Anyone who still thinks open source isn't ready for prime time hasn't been paying attention. Two events this week demonstrate how open source principles have put an entertainment juggernaut and a sports franchise at the top of their respective games.
Anyone who still thinks open source isn't ready for prime time hasn't been paying attention. Two events this week demonstrate how open source principles have put an entertainment juggernaut and a sports franchise at the top of their respective games.The first event was Joel Cohen's keynote remarks at the Red Hat Summit in Boston Thursday. Cohen is a writer on The Simpsons, Fox TV's long-running, irreverent, often brilliant, animated series. Among its many awards, the program has won a Peabody, 18 Emmys, and a Golden Globe nomination. It begins its 20th season this fall.
Cohen gave insight on how open source principals and collaboration have come to bear on the creative process at The Simpsons.
The Boston Celtics adopted the team-centric open source concept of "ubuntu" as their motto this season.
Diversify. "Maximize output by maximizing the diversity of the group," suggests Cohen. The writers on The Simpsons come from unexpected backgrounds. A former chemist, mechanical engineer, and Wall Street lawyer abandoned the professions they trained for to put words in the mouths of four-fingered Homer, Marge, Bart, Lisa, Apu, Chief Wiggams, Mayor Quimby, and a raft of other citizens of Springfield. Cohen himself is an MBA with a background in sales. The group's diversity also is marked by a 30-year age gap between its oldest and youngest members, as well as a mix of genders and races.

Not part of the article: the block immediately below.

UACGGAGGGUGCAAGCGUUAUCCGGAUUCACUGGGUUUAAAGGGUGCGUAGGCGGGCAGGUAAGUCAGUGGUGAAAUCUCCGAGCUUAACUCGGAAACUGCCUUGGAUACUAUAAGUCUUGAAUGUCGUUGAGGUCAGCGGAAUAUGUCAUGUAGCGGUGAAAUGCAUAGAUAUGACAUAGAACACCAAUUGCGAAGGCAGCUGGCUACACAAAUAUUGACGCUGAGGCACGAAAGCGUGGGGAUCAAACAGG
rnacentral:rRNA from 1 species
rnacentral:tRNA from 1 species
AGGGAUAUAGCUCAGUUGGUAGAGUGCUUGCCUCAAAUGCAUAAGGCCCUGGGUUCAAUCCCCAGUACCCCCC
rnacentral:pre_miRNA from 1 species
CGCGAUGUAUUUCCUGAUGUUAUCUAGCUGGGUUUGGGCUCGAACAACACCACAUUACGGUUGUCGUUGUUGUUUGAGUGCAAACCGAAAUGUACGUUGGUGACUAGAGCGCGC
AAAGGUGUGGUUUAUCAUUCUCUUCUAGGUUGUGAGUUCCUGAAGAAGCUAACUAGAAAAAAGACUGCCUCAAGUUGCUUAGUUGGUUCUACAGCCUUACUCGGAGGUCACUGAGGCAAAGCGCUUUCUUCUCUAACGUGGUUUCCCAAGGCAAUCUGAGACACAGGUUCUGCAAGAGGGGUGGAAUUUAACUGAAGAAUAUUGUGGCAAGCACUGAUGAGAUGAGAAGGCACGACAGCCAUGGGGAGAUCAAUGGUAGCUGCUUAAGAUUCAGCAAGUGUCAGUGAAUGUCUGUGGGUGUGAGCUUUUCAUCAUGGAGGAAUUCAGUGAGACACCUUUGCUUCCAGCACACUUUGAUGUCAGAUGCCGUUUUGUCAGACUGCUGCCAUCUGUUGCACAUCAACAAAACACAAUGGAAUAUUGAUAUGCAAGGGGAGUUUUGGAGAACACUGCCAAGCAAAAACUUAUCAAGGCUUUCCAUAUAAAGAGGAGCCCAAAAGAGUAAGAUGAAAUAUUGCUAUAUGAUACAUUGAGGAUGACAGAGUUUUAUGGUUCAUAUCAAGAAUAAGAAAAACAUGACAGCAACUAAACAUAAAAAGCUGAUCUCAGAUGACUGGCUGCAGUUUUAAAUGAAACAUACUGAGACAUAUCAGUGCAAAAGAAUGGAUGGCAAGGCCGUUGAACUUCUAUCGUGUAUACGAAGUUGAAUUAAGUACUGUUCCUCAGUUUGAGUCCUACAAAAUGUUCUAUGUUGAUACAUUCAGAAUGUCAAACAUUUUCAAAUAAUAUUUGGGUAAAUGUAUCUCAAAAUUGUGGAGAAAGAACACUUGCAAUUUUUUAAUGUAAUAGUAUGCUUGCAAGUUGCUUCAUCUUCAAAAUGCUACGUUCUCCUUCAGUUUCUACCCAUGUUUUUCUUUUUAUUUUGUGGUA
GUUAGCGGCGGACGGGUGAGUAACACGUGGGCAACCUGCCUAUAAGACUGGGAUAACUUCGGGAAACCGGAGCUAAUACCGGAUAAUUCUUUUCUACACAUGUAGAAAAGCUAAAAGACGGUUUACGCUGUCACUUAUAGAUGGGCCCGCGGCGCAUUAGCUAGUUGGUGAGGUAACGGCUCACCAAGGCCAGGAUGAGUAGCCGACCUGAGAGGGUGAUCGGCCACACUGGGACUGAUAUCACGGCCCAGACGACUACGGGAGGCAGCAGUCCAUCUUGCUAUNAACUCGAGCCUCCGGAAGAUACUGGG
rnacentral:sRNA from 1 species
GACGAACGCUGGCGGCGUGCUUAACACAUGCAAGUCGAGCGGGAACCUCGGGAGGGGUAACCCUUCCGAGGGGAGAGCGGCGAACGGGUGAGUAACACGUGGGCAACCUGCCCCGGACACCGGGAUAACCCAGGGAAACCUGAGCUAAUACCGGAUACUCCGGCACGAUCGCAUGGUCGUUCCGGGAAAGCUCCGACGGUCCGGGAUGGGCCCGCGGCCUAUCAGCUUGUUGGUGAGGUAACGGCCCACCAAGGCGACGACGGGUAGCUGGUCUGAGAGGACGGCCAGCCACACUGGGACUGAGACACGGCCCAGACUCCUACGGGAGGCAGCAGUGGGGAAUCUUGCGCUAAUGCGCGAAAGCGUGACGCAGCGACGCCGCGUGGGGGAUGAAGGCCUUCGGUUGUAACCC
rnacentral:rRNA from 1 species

Keep context in mind. "Not every great idea is the right great idea," cautioned Cohen. Young writers often show their inexperience by cleaving to a great joke. They'll go to great lengths to write a script around the joke, but in the end, said Cohen, the story doesn't hold up. You're left with a so-so script with one great joke.
Let go. Innovation "never ends" at The Simpsons. The first draft [of a script] is 42 pages. After nine months of revisions by the writers, who work by "building on each others' ideas constantly," having 5% to 10% of original material intact in the final draft "is considered something to be proud of," said Cohen. "Take your ego out of the equation."
The same open source spirit espoused by Cohen inside the Hynes Auditorium was evident nearly simultaneously, outside on the street. While Cohen was speaking to the Red Hat faithful, Boston Celtics fans were gathering behind police barricades to see the rolling victory rally of the new NBA champs.
As I wrote recently, the Boston Celtics adopted ubuntu as their (open source) battle cry early in the season.
"'Ubuntu,' from the African Bantu language, stresses collective success over individual achievement. ...Aware of all the attention their celebrity brings, [Celtics headliners] Garnett, Pierce, and Allen have gone out of their way to make sure the Celtics don't split into factions," wrote ESPN Magazine last fall.
Ubuntu inspired them to work collaboratively, as a team, and it carried them to a record 17th NBA championship.
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